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Virgil's Culex paraphrased, by Spenser. See his works.

HORACE. The fyrst twoo Satars or poyses of Orace, Englished, by Lewes Euans, schole-master

1564 Two Bookes of Horace his Satyres Englyshed, accordyng

to the Prescription of Saint Hierome, 4to. B. L. Lond.

1566 Horace his Arte of Poetrie, Pistles * and Satyrs Englished, by Tho. Drant, 4to. Lond. ....

1567 Horace's Art of Poetry was also translated loosely into

prose by W. Webbe, together with Epistles ad Mecanatem &c. in his Discourse of English Poetrie 1586

OVID. The fifteene Bookes of Metamorphoseos. In which ben

contaynid the Fables of Ovid, by William Caxton, Westm. fol. ..

1480 The four first Books of Ovid, transl. from the Latin into

English Meetre, by Arthur Golding, Gent. 4to. B. L.

1565 The fifteen Bookes of P. Ovidius Naso, &c. by Arthur Golding, 4to. Bl. L. Lond...

1567 Do.

1576 [Another in 1575 according to Ames. A former Edition

was in 1572, in Rawlinson's catal.] Do.

1587, Do. 1612 The pleasant Fable of Hermaphroditus and Salmacis, 8vo. Lond.

1565 The Fable of Ovid treating of Narcissus, transl. out of

Latin into Engl. Mytre, with a Moral ther unto very plesant to rede, 4to Lond.

1590 The Heroycall Epistles, &c. set out and translated by Geo. Tubervile, Gent. &c. B. L. 12mo. Lond t. 1567,

1569, and 1600 The three first Bookes of Ovid de Tristibus, transl. into

English, by Tho. Churchyard, 4to. Lond..... 15809 • There is an entry at Stationers' Hall of the Epistles of Horace in 1591.

+ Among the Stationers' entries I find in 1594, “ A booke entitled Oenone and Paris, wherein is described the extremity of love," &c. This may be a translation from Ovid.

§ This book was entered at Stationers' Hall by Tho. Easte, July 1, 1577, and by Thomas Orwin in 1591.

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Ovid his Invective against Ibis, translated into Eng. Meeter, &c. 12mo. Lond......

15696 And, by Tho. Underwood ....

1577 Certaine of Ovid's Elegies by C. Marlow t, 12mo. At Middleburgh.

No date. All Ovid's Elegies, three Bookes. By C. M. At Mid

dleburgh, 12mo. Somewhat larger than the preced

ing edition. Ovidius Naso, his Remedy of love, translated and entituled to the youth of England, 4to.

1600 Salmacis and Hermaphroditus, by Fra. Beaumont, 4to.

1602 He likewise translated a Part of the Remedy of Love.

There was another Translation of the whole, by

Sir Tho. Overbury, 8vo..... ... without dates “ I learn (says the Rev. Tho. Warton, Hist. of English Poetry, vol. iii, p. 415,) from Coxeter's notes, that

. the Fasti were translated into English verse before the year 1570.”


Menæchmi, by W. W. Lond. ll.



Flowers of Epigrams (from Martial particularly) by Tim. Kendall, 8vo.**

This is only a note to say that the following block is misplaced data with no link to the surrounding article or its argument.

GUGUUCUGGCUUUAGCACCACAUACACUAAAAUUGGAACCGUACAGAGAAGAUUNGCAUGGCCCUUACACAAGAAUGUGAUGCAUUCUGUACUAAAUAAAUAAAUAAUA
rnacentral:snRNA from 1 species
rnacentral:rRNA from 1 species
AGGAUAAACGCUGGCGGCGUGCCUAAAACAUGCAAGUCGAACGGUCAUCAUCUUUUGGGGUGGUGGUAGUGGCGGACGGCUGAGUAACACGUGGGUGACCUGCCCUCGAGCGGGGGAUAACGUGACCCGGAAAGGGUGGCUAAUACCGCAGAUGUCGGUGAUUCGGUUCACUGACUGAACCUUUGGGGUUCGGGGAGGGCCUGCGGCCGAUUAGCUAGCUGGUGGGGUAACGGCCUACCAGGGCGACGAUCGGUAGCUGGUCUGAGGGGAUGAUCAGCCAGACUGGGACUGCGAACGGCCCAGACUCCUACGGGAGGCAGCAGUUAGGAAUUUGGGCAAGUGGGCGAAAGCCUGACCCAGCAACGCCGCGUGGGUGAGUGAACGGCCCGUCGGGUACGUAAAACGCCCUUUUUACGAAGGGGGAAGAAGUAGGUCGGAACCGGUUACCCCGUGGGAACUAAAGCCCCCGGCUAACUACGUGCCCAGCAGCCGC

Among the entries in the books of the Stationers' Company is the following: “ Henry Bynneman.] July 1, 1577, Ovid's Invective against Ibis. Bought of Thomas Easte."

† In the forty-first of Queen Elizabeth these translations from Ovid were commanded by the Archbishop of Canterbury and the Bishop of London, to be burnt at Stationers' Hall.

§ On the books of the Stationers' Company, Dec. 23, 1599, is entered, Ovidius Naso his Remedy of Love Again, in the same year, Ovydes Epistles in Englishe, and Ovydes Metamorphosis in Englyshe.

|| This piece was entered at Stationers' Hall, June 10th, 1594. In 1520, viz. the 11th year of Henry VIII. it appears from Holinshed that a comedy of Plautus was played before the King.

** Entered at Stationers' Hall, Feb. 1576.


Terens in Englysh, or the translacyon out of Latin into

English of the first comedy of Tyrens callyd Andrea.
Supposed to be printed by J. Rastell *.

As the following metrical introduction to this play, relates chiefly to the improvements at that time supposed to have been made in the English language, I could not prevail on myself to suppress it :


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“ The famous renown through the worlde is

“ Of poetys ornate that usyd to indyte
“ Of dyvers matters in theyr moder tong
“ Some toke upon them translacions to wryte
“Some to compile bokys for theyr delyte
“ But in our English tong for to speke playn
" I rede but of few have take any gret payn.

Except master Gowre which furst began
And of moralite wrote ryght craftely
“ Than master Chaucer that excellent man
“ Which wrote as compendious as elygantly
“ As in any other tong ever dyd any
“ Ludgate also which adournyd our tong
“ Whose noble famys through the world be sprong.

By these men our tong is amplyfyed so,
“ That we therin now translate as well as may
As in eny other tongis other can do.
“ Yet the Greke tong and Laten dyvers men say